- The freshman class entering in AY 2022-23 has 5 male students (4 AALANA), the highest ever in the history of the program
- DMS student retention rates have improved to greater than 95%
- The AALANA student population have increased:
- In addition to AALANA student successes in the DMS program, Dr. Ghazle has increased success for hearing-impaired students within the ultrasound program:
- Prior to his tenure as program director for the DMS program, hearing-impaired students were not given the opportunity to join the ultrasound program due to nationally-set professional technical standards and the inflexibility of the admission process.
- Through work with NTID and various high school counselors, Dr. Ghazle established new programmatic policies, guidelines and admission processes to enable the DMS program to recruit and train hearing-impaired students.
- As a result, the DMS program has already graduated four (4) hearing-impaired students who are now working in the ultrasound profession.
- After more than 15 years practicing in the field, one student has returned to NTID as an instructor and is becoming an “advocate and ally” in counseling students who are interested in ultrasound.
- The success of the DMS program in incorporating hearing-impaired students has prompted other institutions nationwide to seek our assistance when dealing with similar student populations.
Pillar 3: faculty and staff recruitment, retention and advancement
- Faculty and staff serving on search committees are expected to attend the DDI Training for Inclusive Hiring every three years.
- CHST hosted a visiting scientist from Osun State University, Nigeria from October 22-November 14. Samuel Adedokun was a graduate student in Medical Microbiology and Parasitology whose doctoral thesis work was co-advised by RIT faculty Bolaji Thomas. The visit was funded by the Federation of African Immunological Societies (FAIS) and supplemented by the College of Health Sciences and Technology.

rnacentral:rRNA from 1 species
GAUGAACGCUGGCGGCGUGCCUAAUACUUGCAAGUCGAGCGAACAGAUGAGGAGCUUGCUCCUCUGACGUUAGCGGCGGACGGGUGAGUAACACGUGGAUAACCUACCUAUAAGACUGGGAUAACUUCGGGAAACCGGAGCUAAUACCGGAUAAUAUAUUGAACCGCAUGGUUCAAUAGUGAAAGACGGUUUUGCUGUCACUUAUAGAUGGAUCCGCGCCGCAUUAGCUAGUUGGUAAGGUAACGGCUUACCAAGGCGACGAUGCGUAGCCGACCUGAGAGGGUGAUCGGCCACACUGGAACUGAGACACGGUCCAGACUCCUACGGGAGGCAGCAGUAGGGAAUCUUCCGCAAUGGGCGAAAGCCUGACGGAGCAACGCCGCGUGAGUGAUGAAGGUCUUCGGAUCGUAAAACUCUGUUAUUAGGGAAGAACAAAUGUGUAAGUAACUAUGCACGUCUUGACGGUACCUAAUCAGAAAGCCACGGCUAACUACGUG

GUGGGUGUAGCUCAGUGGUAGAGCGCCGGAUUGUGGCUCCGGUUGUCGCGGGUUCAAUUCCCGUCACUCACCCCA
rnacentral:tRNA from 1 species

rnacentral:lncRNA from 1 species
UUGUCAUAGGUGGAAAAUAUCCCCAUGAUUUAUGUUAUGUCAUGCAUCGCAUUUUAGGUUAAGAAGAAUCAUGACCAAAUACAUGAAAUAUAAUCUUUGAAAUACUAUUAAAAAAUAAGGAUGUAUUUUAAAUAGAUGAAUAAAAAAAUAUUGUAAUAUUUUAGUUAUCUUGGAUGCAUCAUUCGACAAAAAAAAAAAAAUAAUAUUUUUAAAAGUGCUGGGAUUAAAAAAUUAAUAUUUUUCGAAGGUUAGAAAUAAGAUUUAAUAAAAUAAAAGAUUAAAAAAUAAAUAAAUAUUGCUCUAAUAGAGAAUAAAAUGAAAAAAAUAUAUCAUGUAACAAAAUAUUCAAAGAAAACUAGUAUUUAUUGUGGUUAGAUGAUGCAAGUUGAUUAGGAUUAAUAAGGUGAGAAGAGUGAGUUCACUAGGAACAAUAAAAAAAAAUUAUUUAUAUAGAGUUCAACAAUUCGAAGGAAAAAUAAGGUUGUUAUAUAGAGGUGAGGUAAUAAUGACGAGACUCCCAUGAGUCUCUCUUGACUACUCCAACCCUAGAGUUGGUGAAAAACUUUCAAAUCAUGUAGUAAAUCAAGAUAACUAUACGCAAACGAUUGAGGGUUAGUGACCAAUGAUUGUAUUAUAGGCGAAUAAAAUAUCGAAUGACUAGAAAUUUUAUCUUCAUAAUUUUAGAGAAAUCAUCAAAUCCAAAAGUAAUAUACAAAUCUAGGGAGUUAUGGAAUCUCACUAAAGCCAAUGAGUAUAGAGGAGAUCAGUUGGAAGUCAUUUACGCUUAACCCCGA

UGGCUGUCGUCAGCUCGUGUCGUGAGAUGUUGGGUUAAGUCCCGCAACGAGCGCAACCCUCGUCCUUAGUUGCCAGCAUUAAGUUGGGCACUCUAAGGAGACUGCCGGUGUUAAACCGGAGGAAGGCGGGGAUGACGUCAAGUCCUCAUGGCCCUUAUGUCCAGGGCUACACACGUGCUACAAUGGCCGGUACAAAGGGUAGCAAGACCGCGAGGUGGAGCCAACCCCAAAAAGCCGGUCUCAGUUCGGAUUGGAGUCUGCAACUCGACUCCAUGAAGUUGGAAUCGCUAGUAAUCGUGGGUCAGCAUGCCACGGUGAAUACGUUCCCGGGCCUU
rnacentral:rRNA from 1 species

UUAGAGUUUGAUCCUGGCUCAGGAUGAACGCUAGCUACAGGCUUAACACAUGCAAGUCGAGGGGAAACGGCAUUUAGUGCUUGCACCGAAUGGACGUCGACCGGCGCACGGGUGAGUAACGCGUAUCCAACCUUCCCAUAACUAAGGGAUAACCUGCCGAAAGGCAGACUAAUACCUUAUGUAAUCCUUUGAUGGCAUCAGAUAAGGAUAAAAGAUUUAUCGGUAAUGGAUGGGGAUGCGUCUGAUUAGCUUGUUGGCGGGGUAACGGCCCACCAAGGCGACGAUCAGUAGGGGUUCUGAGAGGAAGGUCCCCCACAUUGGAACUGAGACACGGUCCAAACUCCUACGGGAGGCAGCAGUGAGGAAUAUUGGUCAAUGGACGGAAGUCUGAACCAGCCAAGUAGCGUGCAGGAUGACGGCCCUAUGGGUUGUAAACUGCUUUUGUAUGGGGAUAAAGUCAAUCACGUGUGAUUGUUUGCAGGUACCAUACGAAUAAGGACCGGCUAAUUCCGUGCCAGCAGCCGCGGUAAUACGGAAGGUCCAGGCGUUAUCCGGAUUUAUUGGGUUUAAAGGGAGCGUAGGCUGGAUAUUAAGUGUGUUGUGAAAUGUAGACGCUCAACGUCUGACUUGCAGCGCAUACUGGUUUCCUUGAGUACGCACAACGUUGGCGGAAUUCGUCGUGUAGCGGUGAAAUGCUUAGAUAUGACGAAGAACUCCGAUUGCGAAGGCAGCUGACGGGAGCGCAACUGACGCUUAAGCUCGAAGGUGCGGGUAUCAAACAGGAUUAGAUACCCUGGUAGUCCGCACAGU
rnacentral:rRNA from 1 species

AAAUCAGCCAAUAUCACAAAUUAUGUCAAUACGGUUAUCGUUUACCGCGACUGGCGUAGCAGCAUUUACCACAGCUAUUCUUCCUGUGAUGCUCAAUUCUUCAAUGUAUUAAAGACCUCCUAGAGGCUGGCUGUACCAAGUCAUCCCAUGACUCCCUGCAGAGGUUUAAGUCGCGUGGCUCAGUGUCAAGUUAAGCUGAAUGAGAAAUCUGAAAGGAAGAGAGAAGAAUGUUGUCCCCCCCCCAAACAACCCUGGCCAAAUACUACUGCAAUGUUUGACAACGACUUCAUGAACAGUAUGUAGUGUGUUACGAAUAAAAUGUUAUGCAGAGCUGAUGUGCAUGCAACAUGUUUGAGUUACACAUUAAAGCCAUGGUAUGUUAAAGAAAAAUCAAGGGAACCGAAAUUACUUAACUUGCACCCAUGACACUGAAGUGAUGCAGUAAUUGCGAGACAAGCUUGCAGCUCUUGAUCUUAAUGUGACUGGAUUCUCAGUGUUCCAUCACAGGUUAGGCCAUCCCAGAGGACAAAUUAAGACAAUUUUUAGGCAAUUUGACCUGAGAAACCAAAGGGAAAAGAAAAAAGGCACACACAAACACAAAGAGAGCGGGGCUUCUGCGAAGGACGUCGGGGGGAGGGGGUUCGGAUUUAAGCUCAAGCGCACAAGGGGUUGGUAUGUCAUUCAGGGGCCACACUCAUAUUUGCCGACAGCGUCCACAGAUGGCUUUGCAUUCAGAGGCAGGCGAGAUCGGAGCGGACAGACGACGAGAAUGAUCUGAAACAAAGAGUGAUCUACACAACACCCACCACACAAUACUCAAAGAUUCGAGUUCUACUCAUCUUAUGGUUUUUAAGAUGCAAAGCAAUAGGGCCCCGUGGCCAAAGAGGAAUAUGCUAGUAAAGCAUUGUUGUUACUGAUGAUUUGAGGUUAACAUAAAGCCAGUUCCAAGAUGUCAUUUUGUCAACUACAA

- Mary Oboh, PhD was hired as a postdoctoral research fellow from Medical Research Council Unit, The Gambia, at London School of Hygiene and Tropical Medicine to join RIT faculty Bolaji Thomas’ research group. Her work was funded by the American Association of Immunology 2022 Intersect Fellowship for Computational Biologists and Immunologists, with additional support from the college.
- CHST has invited candidates in the Future Faculty Career Exploration Program to our college each year since the program’s inception in 2017. A 2018 candidate, Paula Buchanan, joined the Health Systems Management program as a Future Faculty Fellow in January 2023 with the potential to make the position a Tenure Track position after 2 years.
Saunders College of Business
Saunders College has convened a Diversity, Equity, Inclusion and Belonging (DEIB) Advisory Board, led by Dr. Shal Khazanchi, Associate Dean for Research and Graduate Programs. The DEIB Advisory Board is a new initiative in Saunders College that will seek to develop and implement a cohesive DEIB strategy for Saunders College of Business as well as focus on driving specific activities. Initially, the board will focus on initiatives aimed at identifying and addressing specific challenges associated with diversity and equity among Saunders’ students, as well as enhancing a culture that fosters inclusiveness and belongingness among all Saunders College stakeholders. The DEIB Advisory Board in Saunders College is comprised of faculty, staff, and external community members, along with a student representative.
Saunders College is supporting our Women’s Leadership Weekend, February 17th – 18th, that includes our: 13th Annual Power Your Potential Conference for working professionals and 3rd Annual Women’s Leadership Summit for students!
On Friday, February 17th, the 13th Annual Power Your Potential (PYP) half-day women's leadership conference kicks off the weekend around this year’s theme to “Own Your Path”. As a prelude to National Women's History Month in March, the conference invites area businesswomen to gain insights from speakers, panelists and their peers as well as engage in activities geared towards helping women succeed. Across industries and communities, women are navigating monumental change to spark movements and opportunities for future generations. This event gathers communities of innovative and inspiring women who lead boldly, challenge norms, and change their organizations.
Saturday, February 18th, the 3rd Annual Women’s Leadership Summit is being hosted by the Leadership Academy @ Saunders. This annual all-day Women's Leadership Summit (WLS) is centered around "Be the Future YOU Want." - inspiring young women to look towards the future they desire by learning from, and connecting with, successful business leaders and students, including many RIT alumni, from all different backgrounds and industries.